Data this week showed a rebound in U.S. manufacturing and a rise in factory orders, suggesting the sector was stabilizing. .
(Read More: US Manufacturing Expands, Construction Spending Up)
"The dollar has also been supported by the contrast in monetary policy between the Fed and the other major central banks. The U.S. is moving to a less dovish direction, while the other central banks are staying dovish or becoming even more dovish," Serebriakov added.
In afternoon New York trade, the dollar last traded up nearly 1 percent to 100.59 yen after hitting a peak of 100.72, the highest since June 3.
The U.S. nonfarm payrolls report was the key focus of the market, with investors expecting creation of 165,000 jobs in June and a lower unemployment rate at 7.5 percent.
Investors have been buying dollars ahead of Friday's data after the Fed at its June 19 policy meeting lowered its unemployment rate forecast for 2014 to 6.5 percent.
"A drop in the unemployment rate would confirm that the U.S. economy is moving in the right direction and the Fed is on course to reduce asset purchases in September," said Kathy Lien, managing director at BK Asset Management in New York.
The dollar index was last at 83.54, up 0.6 percent, after peaking at 83.61, its highest since May 31.
U.S. financial markets will close early on Wednesday and remain closed on Thursday in observance of the U.S. Independence Day holiday. Lower volume could spark greater volatility, especially with the release of Friday's jobs data.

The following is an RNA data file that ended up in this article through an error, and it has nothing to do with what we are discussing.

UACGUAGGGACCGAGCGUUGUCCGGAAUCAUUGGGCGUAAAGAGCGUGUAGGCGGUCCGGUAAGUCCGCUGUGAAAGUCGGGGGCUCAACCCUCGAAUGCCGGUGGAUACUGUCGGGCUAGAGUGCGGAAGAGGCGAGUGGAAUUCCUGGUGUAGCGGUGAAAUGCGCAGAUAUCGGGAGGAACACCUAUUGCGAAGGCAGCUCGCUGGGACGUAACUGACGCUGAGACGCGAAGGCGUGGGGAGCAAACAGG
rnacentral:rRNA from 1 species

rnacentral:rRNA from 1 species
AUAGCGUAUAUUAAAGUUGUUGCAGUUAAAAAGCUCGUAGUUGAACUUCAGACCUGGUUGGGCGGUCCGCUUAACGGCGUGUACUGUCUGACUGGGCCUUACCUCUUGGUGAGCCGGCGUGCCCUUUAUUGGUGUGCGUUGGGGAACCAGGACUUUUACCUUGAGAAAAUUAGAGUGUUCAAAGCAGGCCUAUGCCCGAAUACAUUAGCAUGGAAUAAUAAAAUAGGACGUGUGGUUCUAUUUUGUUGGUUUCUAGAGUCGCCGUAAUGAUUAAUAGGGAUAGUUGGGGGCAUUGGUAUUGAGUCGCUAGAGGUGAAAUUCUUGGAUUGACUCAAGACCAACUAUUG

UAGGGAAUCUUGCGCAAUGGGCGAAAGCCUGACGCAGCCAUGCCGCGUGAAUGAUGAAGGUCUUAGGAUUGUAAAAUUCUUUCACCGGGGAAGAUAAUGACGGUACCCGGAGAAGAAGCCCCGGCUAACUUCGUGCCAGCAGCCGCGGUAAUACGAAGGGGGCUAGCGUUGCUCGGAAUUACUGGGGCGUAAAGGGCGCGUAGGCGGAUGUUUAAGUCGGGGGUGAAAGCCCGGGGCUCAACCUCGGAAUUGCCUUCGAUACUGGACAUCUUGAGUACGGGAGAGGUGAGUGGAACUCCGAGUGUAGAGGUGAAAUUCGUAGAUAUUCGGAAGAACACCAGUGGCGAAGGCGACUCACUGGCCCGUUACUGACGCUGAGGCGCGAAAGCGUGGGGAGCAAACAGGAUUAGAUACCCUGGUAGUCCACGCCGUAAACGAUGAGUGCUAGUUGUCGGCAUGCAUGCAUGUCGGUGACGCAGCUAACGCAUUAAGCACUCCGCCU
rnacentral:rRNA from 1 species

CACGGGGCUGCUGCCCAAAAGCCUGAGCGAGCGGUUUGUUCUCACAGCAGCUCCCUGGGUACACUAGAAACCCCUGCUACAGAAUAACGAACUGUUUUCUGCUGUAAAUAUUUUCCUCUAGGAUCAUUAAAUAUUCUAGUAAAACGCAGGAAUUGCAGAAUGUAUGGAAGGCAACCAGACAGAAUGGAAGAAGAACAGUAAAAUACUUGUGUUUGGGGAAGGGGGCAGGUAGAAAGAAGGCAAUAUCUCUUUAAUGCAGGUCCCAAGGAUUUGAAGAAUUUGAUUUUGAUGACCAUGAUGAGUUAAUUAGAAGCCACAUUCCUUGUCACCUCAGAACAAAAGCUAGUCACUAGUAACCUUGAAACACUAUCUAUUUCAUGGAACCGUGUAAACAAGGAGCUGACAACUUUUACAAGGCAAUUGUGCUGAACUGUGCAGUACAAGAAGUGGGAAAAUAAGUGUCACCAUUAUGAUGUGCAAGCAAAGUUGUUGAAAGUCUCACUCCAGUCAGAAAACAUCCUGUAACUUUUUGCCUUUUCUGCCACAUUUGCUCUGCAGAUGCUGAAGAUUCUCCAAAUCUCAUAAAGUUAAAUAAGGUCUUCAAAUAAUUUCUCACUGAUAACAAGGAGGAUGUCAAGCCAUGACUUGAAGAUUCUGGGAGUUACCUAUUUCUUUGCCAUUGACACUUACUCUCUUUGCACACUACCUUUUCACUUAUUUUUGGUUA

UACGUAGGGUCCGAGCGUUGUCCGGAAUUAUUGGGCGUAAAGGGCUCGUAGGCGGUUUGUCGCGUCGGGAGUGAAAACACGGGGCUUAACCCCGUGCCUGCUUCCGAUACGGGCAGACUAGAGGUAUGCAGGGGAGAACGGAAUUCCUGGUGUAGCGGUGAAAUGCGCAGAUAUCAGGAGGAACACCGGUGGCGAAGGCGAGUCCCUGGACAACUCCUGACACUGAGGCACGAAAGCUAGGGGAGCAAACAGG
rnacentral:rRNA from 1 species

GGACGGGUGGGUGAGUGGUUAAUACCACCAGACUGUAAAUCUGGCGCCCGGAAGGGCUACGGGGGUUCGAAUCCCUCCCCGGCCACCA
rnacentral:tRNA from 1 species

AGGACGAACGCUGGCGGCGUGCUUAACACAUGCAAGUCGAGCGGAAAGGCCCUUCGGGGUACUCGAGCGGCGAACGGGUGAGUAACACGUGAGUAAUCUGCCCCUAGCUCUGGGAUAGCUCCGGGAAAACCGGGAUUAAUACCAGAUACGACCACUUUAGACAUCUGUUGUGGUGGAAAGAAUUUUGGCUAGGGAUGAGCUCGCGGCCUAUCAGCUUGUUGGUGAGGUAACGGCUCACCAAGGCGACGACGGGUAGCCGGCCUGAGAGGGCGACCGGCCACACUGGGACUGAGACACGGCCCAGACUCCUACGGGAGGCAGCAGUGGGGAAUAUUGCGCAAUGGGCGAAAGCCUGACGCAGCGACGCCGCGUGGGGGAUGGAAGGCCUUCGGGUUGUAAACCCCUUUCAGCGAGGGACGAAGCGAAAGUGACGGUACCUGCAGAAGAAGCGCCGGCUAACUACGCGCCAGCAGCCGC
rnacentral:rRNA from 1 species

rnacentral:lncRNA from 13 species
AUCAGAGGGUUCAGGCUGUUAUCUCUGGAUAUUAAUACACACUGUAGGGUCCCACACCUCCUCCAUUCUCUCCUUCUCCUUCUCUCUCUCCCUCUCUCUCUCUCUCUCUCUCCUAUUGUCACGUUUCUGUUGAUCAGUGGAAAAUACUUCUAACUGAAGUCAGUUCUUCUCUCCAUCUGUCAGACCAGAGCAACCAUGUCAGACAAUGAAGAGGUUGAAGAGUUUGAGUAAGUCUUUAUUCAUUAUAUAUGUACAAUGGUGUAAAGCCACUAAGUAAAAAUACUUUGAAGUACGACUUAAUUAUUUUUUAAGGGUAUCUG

Foreign exchange options are looking at ranges 2.5 times a "normal" day for Friday's range on euro/dollar and three times a "normal" day for the dollar/yen, according to Alan Ruskin, head of foreign exchange strategy at Deutsche Bank in New York. "Normal" refers to the range that is expected for days where there are no special events.
"Even given risks of holiday-induced reduced liquidity, this looks way too high, notably on euro/dollar, given Fed Chairman Bernanke has already let the tapering cat out the bag, and the data may vary the timing of the start to tapering by a single FOMC meeting, but probably not more," Ruskin said.
Meanwhile, the Australian dollar fell 1 percent to US$0.9145, not far from Monday's three-year low of US$0.9110, after the Reserve Bank of Australia kept the door open to rate cuts, in part due to a still-high currency.
The Canadian dollar also stayed on the defensive, with the greenback hitting a 21-month high of C$1.06. The U.S. dollar was last at C$1.0544, up 0.5 percent.